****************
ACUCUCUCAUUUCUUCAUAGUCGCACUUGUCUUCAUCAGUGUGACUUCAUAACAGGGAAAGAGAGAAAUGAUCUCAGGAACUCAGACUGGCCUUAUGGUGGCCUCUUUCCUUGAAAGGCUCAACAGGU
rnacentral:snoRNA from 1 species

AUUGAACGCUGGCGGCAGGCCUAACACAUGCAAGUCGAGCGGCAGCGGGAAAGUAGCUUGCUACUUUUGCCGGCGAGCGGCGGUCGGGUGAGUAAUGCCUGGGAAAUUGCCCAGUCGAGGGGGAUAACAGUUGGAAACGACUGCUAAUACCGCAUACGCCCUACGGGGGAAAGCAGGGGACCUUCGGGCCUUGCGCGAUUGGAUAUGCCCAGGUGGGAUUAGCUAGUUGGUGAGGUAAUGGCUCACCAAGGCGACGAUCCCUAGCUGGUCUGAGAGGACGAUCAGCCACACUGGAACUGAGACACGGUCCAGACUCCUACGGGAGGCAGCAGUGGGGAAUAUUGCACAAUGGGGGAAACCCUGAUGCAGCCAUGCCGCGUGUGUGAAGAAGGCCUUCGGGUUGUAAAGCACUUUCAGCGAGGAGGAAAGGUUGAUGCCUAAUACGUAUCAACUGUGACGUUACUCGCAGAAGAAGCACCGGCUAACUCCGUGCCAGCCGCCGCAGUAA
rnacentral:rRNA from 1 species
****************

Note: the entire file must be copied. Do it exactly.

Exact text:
ACUCUCUCAUUUCUUCAUAGUCGCACUUGUCUUCAUCAGUGUGACUUCAUAACAGGGAAAGAGAGAAAUGAUCUCAGGAACUCAGACUGGCCUUAUGGUGGCCUCUUUCCUUGAAAGGCUCAACAGGU
rnacentral:snoRNA from 1 species

AUUGAACGCUGGCGGCAGGCCUAACACAUGCAAGUCGAGCGGCAGCGGGAAAGUAGCUUGCUACUUUUGCCGGCGAGCGGCGGUCGGGUGAGUAAUGCCUGGGAAAUUGCCCAGUCGAGGGGGAUAACAGUUGGAAACGACUGCUAAUACCGCAUACGCCCUACGGGGGAAAGCAGGGGACCUUCGGGCCUUGCGCGAUUGGAUAUGCCCAGGUGGGAUUAGCUAGUUGGUGAGGUAAUGGCUCACCAAGGCGACGAUCCCUAGCUGGUCUGAGAGGACGAUCAGCCACACUGGAACUGAGACACGGUCCAGACUCCUACGGGAGGCAGCAGUGGGGAAUAUUGCACAAUGGGGGAAACCCUGAUGCAGCCAUGCCGCGUGUGUGAAGAAGGCCUUCGGGUUGUAAAGCACUUUCAGCGAGGAGGAAAGGUUGAUGCCUAAUACGUAUCAACUGUGACGUUACUCGCAGAAGAAGCACCGGCUAACUCCGUGCCAGCCGCCGCAGUAA
rnacentral:rRNA from 1 species